2) Your primary category and additional categories should describe your retail business as a whole. Don’t add additional categories in an attempt to list all of your products, amenities, and services. For example, if you run a furniture business that also includes a pastry shop, avoid adding the category “pastry shop”. Instead, the pastry shop owner should claim their own listing and choose “pastry shop” as their primary category. Google suggests that you select categories that complete this statement: “This business IS a” rather than “this business HAS a”.  

3) Try minimizing the amount of additional categories that you add. Although you may be tempted to select as many categories as possible, it’s important not to. Doing so will negatively impact your store’s local ranking. Only choose categories that directly apply to your business!

Note: Skip adding categories that seem redundant. Again, you should focus on adding the categories that are most specific to your business. Google will do the rest of the work! For example, if you choose the category “children’s furniture store”, Google will implicitly add more general categories like “furniture store” and “children’s store”. 

For more information, on how to choose a business category, click here

How to Choose/Edit/Add a Business Category

1. Sign in to Google My Business here

2. Click on the “Info” tab on the left. 

info bar on google my business

3. Click on the pencil icon beside your primary category. 

pencil icon

4. Once you click on the pencil icon, you can either change your primary category or add additional categories.

primary and additional categories

5. Click on “Apply” in the right corner of the pop up screen. If the changes that you have made are significant, Google may ask you to verify your business again.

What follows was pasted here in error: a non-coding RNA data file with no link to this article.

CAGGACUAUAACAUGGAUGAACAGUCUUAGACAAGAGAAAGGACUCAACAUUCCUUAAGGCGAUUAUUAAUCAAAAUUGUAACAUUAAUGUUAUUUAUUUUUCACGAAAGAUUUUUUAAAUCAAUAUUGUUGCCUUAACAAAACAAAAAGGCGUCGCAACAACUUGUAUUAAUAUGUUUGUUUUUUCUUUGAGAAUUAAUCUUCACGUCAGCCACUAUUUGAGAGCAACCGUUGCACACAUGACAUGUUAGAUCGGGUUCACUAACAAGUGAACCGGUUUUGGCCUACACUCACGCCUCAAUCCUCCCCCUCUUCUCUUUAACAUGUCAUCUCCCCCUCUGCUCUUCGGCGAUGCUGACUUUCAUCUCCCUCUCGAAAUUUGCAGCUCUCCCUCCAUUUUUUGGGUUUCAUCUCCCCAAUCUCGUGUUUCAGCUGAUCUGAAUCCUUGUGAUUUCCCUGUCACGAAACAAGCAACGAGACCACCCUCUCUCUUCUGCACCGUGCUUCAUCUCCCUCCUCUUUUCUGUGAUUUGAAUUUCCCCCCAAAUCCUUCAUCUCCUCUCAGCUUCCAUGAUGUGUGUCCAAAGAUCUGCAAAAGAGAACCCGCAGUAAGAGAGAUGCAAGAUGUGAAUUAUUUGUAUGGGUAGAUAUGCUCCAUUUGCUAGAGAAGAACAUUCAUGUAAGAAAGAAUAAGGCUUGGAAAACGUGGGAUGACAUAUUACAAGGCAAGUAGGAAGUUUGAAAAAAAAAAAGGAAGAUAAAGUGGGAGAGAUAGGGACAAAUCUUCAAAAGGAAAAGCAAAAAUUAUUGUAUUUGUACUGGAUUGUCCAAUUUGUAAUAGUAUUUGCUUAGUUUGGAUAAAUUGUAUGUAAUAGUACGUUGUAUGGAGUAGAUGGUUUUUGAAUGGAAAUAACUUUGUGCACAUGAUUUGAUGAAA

apply category changes

To learn more about the factors that affect your local search ranking, click here

#googlemybusiness #businesscategories #localseo #localsearchranking #foottraffic #cloudpos #retailpos 

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What is Local SEO and how can it Benefit your Retail Store?

What is Local SEO and how can it Benefit your Retail Store?

Reaching a local audience is critical to the success of any brick-and-mortar retailer. This is why local search engine optimization (or local SEO) is so important. 

Local SEO helps store owners promote their retail business to local shoppers.

In this article, we’ll go into detail about what local SEO is and how it can benefit your retail business – from increasing your online visibility, driving foot traffic, and ultimately growing your revenue. 

What is Local SEO?

Local SEO stands for local search engine optimization. It is the process of “optimizing” your online presence so that your store can appear as high as possible in search results. By focusing on local SEO, you can attract more business from relevant local searches.

Essentially, the purpose of a local SEO strategy is to ensure that users can find you – both online and offline. 

The Importance of Local Search

shop local flag

According to Google: 

  • 4 in 5 shoppers use a search engine to find local information.

  • 50% of shoppers who conducted a local search on their smartphone, visited a store within the same day.

  • And 34% of users who searched on a computer/tablet did the same. 

Having said that, the amount of users that are conducting local searches is also growing at a significant rate. 

Over the past several years, there has been over a 500% growth rate in “near me” mobile searches that contain the phrases “can I buy” or “to buy”. 

For shoppers, search is no longer about finding a specific business. It is about finding a specific product in a specific place and in a specific period of time. 

The challenge for store owners then becomes giving target shoppers the answers they are looking for at the exact moment that they are searching. And by doing so, capturing both their interest and the sale. 

This is where local SEO comes in. 

The Benefits of Local SEO 

local store